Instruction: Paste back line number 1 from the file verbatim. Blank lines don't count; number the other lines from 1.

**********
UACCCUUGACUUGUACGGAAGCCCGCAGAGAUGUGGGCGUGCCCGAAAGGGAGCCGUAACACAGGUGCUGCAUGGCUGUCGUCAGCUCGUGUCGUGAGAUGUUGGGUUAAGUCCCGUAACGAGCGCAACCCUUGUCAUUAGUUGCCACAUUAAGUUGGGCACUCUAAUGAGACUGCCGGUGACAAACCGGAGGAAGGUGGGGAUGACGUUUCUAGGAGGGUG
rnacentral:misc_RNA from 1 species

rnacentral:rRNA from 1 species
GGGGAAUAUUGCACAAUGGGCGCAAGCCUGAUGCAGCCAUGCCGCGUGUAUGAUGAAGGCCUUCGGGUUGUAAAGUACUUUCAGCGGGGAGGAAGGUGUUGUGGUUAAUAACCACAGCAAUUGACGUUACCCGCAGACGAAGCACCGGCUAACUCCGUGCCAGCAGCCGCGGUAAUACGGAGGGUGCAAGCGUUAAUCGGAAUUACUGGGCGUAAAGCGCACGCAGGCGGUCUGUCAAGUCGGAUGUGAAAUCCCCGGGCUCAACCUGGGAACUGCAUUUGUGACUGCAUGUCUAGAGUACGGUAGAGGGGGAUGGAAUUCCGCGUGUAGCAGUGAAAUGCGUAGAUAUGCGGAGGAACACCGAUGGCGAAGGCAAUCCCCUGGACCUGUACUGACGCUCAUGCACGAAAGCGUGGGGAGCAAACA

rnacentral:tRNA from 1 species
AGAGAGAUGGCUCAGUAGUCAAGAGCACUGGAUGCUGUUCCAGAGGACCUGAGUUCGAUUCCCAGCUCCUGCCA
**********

UACCCUUGACUUGUACGGAAGCCCGCAGAGAUGUGGGCGUGCCCGAAAGGGAGCCGUAACACAGGUGCUGCAUGGCUGUCGUCAGCUCGUGUCGUGAGAUGUUGGGUUAAGUCCCGUAACGAGCGCAACCCUUGUCAUUAGUUGCCACAUUAAGUUGGGCACUCUAAUGAGACUGCCGGUGACAAACCGGAGGAAGGUGGGGAUGACGUUUCUAGGAGGGUG